DVD Review: Blast of Silence (1961)
I first heard of this film from Ed Brubaker in the comic Criminal. He recommended the film and it sounded like a great piece of film noir. Unfortunately, it’s a Criterion Collection DVD, so it means I’d have to shell out a bunch of cash if I’d ever want to see it. Then a sale came by and I was able to pick it up recently.
Blast of Silence is an inspiration. It was made with next to no money and filmed on location on the streets of New York City. This caused a few run-ins with the police. At it’s heart, the film is a typical film noir story. You’ve got the loner gunman, Frank Bono who rolls into town for a job. Things don’t go according to plan, regardless of how professional Frank acts and things end in tragedy. But I felt like this film was just more than that.
What I found unique about Blast of Silence was mostly how it was told. Lionel Stander narrated the film in this hard man’s voice. His narration made up at least 70% of the film’s dialogue. At first I was a little skeptical because it felt like a book with moving pictures, but the voice grew on me. It became a sort of conscience for our protagonist. Granted, he was no Jiminy Cricket, but he became this little voice, almost like another personality that spoke to Franky and in turn, us. I feel like if any other movie tried to do this, it just wouldn’t work. On the surface it sounds like a horrible way to direct a movie, but it just worked in this one.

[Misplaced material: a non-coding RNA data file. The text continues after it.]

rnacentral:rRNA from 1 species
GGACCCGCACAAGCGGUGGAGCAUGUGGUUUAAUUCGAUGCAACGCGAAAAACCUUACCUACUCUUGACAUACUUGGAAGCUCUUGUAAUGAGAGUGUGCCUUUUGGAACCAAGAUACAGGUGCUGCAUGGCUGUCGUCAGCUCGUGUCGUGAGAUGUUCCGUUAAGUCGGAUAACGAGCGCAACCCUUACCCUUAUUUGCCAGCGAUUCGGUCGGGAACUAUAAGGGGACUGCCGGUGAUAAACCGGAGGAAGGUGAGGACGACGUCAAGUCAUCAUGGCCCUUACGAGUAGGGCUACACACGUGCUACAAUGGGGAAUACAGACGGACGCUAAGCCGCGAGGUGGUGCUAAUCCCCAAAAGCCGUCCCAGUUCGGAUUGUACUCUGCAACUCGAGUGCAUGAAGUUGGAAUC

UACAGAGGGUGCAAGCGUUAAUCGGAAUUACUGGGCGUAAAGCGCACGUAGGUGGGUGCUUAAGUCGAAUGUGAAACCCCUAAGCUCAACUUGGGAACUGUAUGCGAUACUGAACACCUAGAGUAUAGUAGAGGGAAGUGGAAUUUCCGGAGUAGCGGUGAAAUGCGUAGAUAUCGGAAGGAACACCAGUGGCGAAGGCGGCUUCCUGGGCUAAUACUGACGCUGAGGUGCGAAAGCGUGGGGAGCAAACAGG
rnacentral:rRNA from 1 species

The characters are perfect and for a low-budget film, surprising well played. Frank is this lonely professional hitman who always does things by the book. Somehow returning to New York City is the equivalent to throwing a monkey wrench into his world of rules. Throughout his entire journey he’s thinking of things that he could have done or could have been. Is this all that he’s amounted to in life? A well-payed, lonely hitman? Joining Frank is the skeevy and oddly disturbing Big Ralph whom Frank hits up for a much needed gun. Larry Tucker is just so…odd in this role. I sort of like Ralph, but at the same time, I despise him. I love that effect.
Included on this hoity-toity Criterion release is a cool booklet with some more info about the movie. There’s also an hour long documentary where director/writer/actor Allen Baron returns to the streets where he made the film 30 years later. It’s interesting and a little heartfelt as he literally takes a stroll down memory lane.
Blast of Silence is an achievement in low-budget film-making. It’s far from the greatest movie ever made, but it’s just good, gritty film noir that I can get behind. Sure, the effects are far from spectacular and the gunfights can be a little silly, but that doesn’t matter. This is a good movie that gets under your skin. Frank is nothing but professional, but things get quickly out of hand with this job when he’s shown glimpses of what he could have had if his life was just a little different. I can easily recommend this film to any fan of film noir.